At age 16, I was happy with my GCSE results and pleased that I had got into Sixth Form, but I was still unsure about the prospect of university. Throughout school, I knew that having a degree would increase employability so I chose to study Business, Spanish, Maths and Psychology at A-Level as I thought this broad range of subjects would increase my options. However, after a year whilst studying A-Levels, I decided it wasn’t the right path for me as I did not enjoy the teaching style or the exams and the idea of going to university became more blurred.Leaving School
Temperatures are gettingwarmer,sea levels are getting higher and news headlines are looking bleaker. There is no doubt that as young people, we will have to live with the damage caused by previous generations.
However, we can make our voices heard.Active citizensare not known for sitting around and doing nothing about it. This month, we speak to four volunteers who have taken that extra step to make a positive difference for our planet – and why they think it’s important.
Turning bread into beer to tackle food waste
You’ve got your revision plan and the content you need to study. You’ve got your methods sorted and you’re raring to go. When exam season hits, it’s wonderful to have all of this in place; but what is just as important, if not more important, is remaining focused during exam season. It would be a huge shame to do all of the groundwork and then lose focus at the most crucial stage.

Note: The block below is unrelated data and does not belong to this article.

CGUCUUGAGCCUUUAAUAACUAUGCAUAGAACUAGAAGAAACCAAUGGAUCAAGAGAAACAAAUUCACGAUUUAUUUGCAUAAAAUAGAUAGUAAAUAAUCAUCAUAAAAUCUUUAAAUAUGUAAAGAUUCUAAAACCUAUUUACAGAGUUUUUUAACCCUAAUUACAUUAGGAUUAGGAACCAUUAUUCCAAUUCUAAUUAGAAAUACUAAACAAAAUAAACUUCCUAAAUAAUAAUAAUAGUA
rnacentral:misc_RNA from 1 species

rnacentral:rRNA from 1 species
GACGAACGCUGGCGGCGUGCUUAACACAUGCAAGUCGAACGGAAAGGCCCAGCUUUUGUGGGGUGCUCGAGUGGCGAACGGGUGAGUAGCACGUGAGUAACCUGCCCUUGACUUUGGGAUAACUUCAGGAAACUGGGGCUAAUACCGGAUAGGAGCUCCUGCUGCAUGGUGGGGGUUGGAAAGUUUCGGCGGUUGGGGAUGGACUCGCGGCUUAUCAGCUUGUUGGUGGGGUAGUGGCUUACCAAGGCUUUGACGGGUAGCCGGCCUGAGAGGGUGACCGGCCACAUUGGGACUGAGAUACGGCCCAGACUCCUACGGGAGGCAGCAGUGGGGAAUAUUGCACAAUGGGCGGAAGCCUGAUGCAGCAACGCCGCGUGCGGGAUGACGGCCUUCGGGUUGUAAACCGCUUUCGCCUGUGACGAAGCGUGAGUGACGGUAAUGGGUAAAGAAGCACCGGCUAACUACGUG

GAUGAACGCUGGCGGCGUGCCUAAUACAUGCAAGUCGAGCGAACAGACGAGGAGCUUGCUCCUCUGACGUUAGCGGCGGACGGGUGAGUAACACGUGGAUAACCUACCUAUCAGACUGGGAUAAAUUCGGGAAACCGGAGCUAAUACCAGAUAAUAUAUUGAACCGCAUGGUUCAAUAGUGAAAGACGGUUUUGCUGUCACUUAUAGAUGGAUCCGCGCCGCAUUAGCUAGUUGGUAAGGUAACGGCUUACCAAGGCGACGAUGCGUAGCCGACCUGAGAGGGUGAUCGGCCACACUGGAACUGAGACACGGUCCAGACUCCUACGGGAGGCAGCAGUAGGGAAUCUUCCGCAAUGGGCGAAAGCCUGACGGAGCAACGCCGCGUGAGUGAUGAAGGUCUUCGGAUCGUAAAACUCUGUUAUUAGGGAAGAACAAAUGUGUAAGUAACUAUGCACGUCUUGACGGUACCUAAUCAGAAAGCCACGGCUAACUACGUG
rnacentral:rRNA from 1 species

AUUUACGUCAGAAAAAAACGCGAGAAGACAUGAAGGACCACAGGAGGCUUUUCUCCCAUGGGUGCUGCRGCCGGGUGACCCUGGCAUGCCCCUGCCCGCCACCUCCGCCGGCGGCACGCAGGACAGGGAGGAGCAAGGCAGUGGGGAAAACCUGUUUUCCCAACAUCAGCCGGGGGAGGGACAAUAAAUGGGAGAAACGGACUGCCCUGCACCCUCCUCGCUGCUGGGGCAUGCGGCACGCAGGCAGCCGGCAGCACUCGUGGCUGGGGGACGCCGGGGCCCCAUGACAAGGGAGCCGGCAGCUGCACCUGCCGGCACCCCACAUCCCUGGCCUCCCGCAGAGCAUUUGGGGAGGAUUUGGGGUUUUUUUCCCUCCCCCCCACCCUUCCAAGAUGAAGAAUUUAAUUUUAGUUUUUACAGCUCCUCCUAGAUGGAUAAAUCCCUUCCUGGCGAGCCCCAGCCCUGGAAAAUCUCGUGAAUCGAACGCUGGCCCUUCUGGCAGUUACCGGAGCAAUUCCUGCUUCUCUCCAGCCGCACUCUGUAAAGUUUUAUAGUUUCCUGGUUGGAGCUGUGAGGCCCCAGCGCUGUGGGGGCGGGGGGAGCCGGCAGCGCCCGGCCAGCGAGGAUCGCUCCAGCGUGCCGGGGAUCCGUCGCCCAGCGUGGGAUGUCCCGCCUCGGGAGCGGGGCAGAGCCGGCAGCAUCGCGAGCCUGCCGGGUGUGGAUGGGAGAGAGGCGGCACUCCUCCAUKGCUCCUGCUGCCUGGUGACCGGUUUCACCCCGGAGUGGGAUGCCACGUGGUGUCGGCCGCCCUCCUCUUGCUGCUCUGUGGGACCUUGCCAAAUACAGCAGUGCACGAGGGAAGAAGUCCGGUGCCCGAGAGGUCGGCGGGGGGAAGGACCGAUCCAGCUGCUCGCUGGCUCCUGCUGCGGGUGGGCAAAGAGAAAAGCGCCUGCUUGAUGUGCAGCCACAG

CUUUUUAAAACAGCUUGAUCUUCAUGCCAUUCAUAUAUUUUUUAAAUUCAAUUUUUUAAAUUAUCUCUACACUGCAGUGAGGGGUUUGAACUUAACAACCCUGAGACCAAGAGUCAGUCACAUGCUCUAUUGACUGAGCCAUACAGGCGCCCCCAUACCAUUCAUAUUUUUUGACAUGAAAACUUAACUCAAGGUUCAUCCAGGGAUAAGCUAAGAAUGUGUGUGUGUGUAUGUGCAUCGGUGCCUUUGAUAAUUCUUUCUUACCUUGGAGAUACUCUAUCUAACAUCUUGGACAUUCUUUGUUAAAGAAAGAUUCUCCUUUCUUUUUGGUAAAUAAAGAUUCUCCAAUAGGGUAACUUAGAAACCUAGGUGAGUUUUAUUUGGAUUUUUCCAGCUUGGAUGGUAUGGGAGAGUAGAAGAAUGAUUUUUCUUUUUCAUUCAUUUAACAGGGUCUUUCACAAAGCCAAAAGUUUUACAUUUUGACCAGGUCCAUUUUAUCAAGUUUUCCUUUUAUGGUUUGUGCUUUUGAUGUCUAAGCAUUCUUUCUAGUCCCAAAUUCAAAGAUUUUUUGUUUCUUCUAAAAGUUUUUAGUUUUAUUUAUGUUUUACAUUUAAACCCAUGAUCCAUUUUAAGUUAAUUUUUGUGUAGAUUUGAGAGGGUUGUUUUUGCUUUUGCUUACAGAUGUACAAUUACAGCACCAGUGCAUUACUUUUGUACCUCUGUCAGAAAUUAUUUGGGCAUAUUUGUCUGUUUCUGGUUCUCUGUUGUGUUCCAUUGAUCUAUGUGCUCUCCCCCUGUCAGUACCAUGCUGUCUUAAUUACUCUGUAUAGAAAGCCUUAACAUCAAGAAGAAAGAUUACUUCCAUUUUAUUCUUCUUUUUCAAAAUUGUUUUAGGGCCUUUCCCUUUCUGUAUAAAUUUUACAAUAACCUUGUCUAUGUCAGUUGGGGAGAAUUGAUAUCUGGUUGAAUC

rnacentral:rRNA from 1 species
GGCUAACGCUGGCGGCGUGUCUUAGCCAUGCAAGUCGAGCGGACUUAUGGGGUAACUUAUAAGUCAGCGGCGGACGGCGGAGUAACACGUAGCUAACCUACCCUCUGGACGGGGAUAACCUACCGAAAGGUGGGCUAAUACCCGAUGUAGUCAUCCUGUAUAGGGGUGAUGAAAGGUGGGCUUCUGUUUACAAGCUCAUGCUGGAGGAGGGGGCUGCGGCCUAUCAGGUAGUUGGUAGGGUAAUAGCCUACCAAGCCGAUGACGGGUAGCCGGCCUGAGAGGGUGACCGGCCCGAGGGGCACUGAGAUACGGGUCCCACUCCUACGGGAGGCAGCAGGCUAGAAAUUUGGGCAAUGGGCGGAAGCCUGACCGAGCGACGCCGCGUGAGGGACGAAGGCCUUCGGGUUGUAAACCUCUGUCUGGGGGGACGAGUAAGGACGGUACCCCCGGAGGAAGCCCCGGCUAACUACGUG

Here are Pearson College London’s 7 ways to stay focused during exam season…
1. Find a quiet place
Welcome to the fourth blog in the partnership between Not Going to Uni and Diosa Coaching. Today i am going to focus on partners, teachers, career advisers and guardians – anyone who is in a position where you have influence over young people’s decision making!
It’s a tough role to be in – you have unlimited opportunities for advice and guidance and with so many options and variables to consider it can feel overwhelming.
When you’re looking to transition from education to employment, you need to display your transferable skills in your CV, showcasing your relevancy for your chosen career path.
But you don’t need work experience to have workplace skills.
Valuable skills can be gained through school work, voluntary employment or any hobbies and interests, so be creative when finding skills to include.
Below are 5 key skills you should incorporate into your CV, if you want to secure your dream career.
If you’re about to go on an interview for the first time, there are a few things you need to know beforehand. You may feel really nervous at the beginning, but the key to a successful experience is to practice interviewing ahead of time, prepare yourself for the interview, dress appropriately, and try to stay calm.
Apprenticeships combine working, earning and learning and allow apprentices to learn in a practical manner to gain a qualification alongside work experience. However, earning a salary, getting a qualification and experiencing the workplace are only the tip of the iceberg when it comes to the opportunities you can get from an apprenticeship.